It’s been a busy few weeks for employee benefits and COBRA changes. We wanted to update you on the latest notices that have been issued by federal agencies.
On April 28, 2020, the U.S. Department of Labor and IRS issued EBSA Disaster Relief Notice 2020-01, which granted a temporary extension of run-out periods for Flexible Spending Accounts (FSAs) and Health Reimbursement Arrangements (HRAs). It also granted a temporary extension of certain deadlines for sending notifications, electing, and paying for COBRA continuation coverage during the COVID-19 outbreak.
Additionally, on May 12, 2020, the IRS issued Notice 2020-29 and Notice 2020-33, which provide participants in Medical FSAs, Dependent Care FSAs, Individual Coverage HRAs (ICHRAs) and High-Deductible Health Plans (HDHPs) with temporary help during the COVID-19 pandemic.
Here’s how each notice affected your plans:
- FSA and HRAs were granted a temporary extension of run-out periods. These extensions are retroactive to deadlines occurring from March 1, 2020 until 60 days after the COVID-19 National Emergency is declared over or until one year has passed, whichever occurred first. The run-out extension gives participants additional time after the COVID-19 National Emergency is declared over to submit claims for any active plan year they are enrolled in that has a run-out period ending during the relevant timeframe (March 1, 2020 until 60 days after the end of the COVID-19 National Emergency or until one year has passed, whichever occurred first).
Under this temporary extension, qualified beneficiaries and COBRA members have extra time to send certain notifications about COBRA coverage, to elect COBRA coverage, and to make premium payments. These changes are retroactive to any deadline occurring from March 1, 2020 until 60 days after the COVID-19 National Emergency is declared over or until one year has passed, whichever occurred first.
- Election Period Extension: Prior to the temporary rule change, qualified beneficiaries had 60 days from the date of the Specific Rights Notice (SRN) to elect COBRA. With this COBRA election period extension, the period from March 1, 2020 to 60 days after the end of the National Emergency is disregarded or until one year has passed (whichever occurs first) in determining the end of the 60-day COBRA election period.
- Grace Period Extension: Prior to the temporary rule change, COBRA members had a 30-day grace period to pay monthly COBRA premiums in order to maintain coverage, and a 45-day grace period to make an initial payment upon first electing COBRA coverage. With this COBRA grace period extension, the period from March 1, 2020 to 60 days after the end of the National Emergency is disregarded or until one year has passed (whichever occurs first) in determining the end of the COBRA premium payment periods.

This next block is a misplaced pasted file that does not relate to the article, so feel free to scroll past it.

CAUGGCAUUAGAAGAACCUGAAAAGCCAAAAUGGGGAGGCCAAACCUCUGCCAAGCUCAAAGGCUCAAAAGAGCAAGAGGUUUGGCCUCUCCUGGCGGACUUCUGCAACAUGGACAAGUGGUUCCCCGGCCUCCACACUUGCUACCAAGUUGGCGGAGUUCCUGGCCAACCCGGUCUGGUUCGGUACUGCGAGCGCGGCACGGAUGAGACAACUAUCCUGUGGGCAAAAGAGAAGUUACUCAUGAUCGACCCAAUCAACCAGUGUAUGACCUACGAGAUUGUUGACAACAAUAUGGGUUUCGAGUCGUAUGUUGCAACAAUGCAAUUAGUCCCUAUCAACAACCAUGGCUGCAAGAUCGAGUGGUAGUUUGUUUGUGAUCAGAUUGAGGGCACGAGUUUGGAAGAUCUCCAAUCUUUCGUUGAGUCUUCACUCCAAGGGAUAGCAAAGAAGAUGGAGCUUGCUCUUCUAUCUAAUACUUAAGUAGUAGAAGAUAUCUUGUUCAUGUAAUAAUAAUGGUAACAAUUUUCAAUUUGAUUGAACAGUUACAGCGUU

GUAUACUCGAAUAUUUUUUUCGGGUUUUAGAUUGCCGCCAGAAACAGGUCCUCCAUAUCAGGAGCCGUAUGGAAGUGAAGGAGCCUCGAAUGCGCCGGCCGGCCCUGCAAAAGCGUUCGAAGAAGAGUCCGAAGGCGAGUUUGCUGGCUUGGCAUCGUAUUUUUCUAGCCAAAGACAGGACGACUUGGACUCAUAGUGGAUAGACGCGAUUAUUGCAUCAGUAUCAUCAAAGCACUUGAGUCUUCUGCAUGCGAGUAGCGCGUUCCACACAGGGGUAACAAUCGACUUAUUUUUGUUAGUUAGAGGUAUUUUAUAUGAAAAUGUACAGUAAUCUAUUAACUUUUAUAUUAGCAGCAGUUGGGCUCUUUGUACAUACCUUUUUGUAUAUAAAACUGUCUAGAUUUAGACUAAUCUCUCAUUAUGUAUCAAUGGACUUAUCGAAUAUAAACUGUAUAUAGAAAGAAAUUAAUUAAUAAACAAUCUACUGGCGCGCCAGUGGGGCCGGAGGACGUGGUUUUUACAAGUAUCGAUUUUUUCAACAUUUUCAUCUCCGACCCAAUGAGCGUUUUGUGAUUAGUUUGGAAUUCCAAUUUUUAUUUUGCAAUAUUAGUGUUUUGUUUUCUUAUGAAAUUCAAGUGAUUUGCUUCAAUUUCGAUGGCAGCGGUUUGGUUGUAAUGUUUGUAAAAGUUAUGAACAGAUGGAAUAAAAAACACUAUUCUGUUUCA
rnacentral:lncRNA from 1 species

- Second Qualifying Event and Disability Notifications: Prior to the temporary rule change, COBRA members had 60 days to notify their administrator of a second qualifying event that would extend the COBRA coverage period from 18 months to 36 months. COBRA members also had 60 days to notify their administrator of receiving a Social Security Administration disability determination to extend the COBRA coverage period from 18 months to 29 months. With this COBRA notification extension, the period from March 1, 2020 to 60 days after the end of the National Emergency is disregarded or until one year has passed (whichever occurs first) in determining the end of the required notification periods for a second qualifying event and disability determination.
- Employers may allow employees to newly elect, change or revoke a Health or Dependent Care FSA election in the middle of a plan year. Prior to this Notice, the employee needed to experience an IRS-approved qualifying event in order to make mid-year changes. Notice 2020-29 temporarily waives that requirement. This optional relief applies to mid-year elections made during calendar year 2020.
- Employers may allow their employees to tap into unused funds from any FSA plan with a grace period or plan year that ends in 2020. These unused funds can then be used on medical care or dependent care expenses incurred through December 31, 2020.
- In addition to the above changes, the amount a Medical FSA participant can carry over from one plan year to the next year is now $550 (an increase of $50). This change is in effect for any plan year that began on or after January 1, 2020. In future years, the carryover amount will be indexed for inflation.
- Employers may now reimburse employees who participate in an ICHRA for their individual insurance premium expenses paid prior to the start of their ICHRA’s plan year, as long as the insurance premiums being reimbursed are for the same plan year as the ICHRA. That means if an employee pays for part or all of his/her individual insurance prior to the ICHRA’s plan year, the employer can now reimburse those expenses immediately when they’re paid rather than requiring the employee to wait until Day 1 of the ICHRA’s plan year.
- Telehealth and remote care expenses may now be covered by an HDHP, even if the employee has not reached his/her deductible. This relief is in effect for plan years beginning on or before December 31, 2021 and applies to services provided back to January 1, 2020. This is a retroactive expansion of the CARES Act, which allowed these expenses to be covered from March 27, 2020 (the date the CARES Act was signed).
Keep up to date on the latest news regarding your employee benefits by checking out our COVID-19 resource page.
The information in this blog post is for educational purposes only. It is not legal or tax advice. For legal or tax advice, you should consult your own counsel.